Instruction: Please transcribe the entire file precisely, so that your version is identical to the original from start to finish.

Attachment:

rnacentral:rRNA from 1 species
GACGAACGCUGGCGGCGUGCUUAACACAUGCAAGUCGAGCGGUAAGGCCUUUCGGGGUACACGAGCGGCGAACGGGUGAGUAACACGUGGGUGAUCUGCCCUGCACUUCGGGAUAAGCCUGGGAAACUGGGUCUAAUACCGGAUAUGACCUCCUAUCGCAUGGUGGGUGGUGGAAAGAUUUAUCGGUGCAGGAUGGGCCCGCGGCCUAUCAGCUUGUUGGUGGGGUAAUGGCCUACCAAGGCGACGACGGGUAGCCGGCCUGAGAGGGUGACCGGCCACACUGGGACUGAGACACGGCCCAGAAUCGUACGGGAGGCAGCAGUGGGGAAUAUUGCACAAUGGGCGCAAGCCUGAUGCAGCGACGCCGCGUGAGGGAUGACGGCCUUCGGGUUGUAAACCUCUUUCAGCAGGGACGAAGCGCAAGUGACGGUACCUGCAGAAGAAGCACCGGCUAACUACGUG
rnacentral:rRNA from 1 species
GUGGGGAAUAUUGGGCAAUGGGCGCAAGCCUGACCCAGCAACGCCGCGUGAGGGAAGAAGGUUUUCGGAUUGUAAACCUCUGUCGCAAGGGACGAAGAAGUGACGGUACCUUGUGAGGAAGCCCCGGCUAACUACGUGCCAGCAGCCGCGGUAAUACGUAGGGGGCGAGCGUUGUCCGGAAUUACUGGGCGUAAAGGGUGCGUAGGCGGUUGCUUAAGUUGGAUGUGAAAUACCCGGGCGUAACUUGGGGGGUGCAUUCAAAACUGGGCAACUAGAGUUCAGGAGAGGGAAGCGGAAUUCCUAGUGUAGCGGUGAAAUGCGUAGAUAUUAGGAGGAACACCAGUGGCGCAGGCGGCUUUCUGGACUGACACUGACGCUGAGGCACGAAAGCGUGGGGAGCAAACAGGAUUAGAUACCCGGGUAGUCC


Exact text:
rnacentral:rRNA from 1 species
GACGAACGCUGGCGGCGUGCUUAACACAUGCAAGUCGAGCGGUAAGGCCUUUCGGGGUACACGAGCGGCGAACGGGUGAGUAACACGUGGGUGAUCUGCCCUGCACUUCGGGAUAAGCCUGGGAAACUGGGUCUAAUACCGGAUAUGACCUCCUAUCGCAUGGUGGGUGGUGGAAAGAUUUAUCGGUGCAGGAUGGGCCCGCGGCCUAUCAGCUUGUUGGUGGGGUAAUGGCCUACCAAGGCGACGACGGGUAGCCGGCCUGAGAGGGUGACCGGCCACACUGGGACUGAGACACGGCCCAGAAUCGUACGGGAGGCAGCAGUGGGGAAUAUUGCACAAUGGGCGCAAGCCUGAUGCAGCGACGCCGCGUGAGGGAUGACGGCCUUCGGGUUGUAAACCUCUUUCAGCAGGGACGAAGCGCAAGUGACGGUACCUGCAGAAGAAGCACCGGCUAACUACGUG
rnacentral:rRNA from 1 species
GUGGGGAAUAUUGGGCAAUGGGCGCAAGCCUGACCCAGCAACGCCGCGUGAGGGAAGAAGGUUUUCGGAUUGUAAACCUCUGUCGCAAGGGACGAAGAAGUGACGGUACCUUGUGAGGAAGCCCCGGCUAACUACGUGCCAGCAGCCGCGGUAAUACGUAGGGGGCGAGCGUUGUCCGGAAUUACUGGGCGUAAAGGGUGCGUAGGCGGUUGCUUAAGUUGGAUGUGAAAUACCCGGGCGUAACUUGGGGGGUGCAUUCAAAACUGGGCAACUAGAGUUCAGGAGAGGGAAGCGGAAUUCCUAGUGUAGCGGUGAAAUGCGUAGAUAUUAGGAGGAACACCAGUGGCGCAGGCGGCUUUCUGGACUGACACUGACGCUGAGGCACGAAAGCGUGGGGAGCAAACAGGAUUAGAUACCCGGGUAGUCC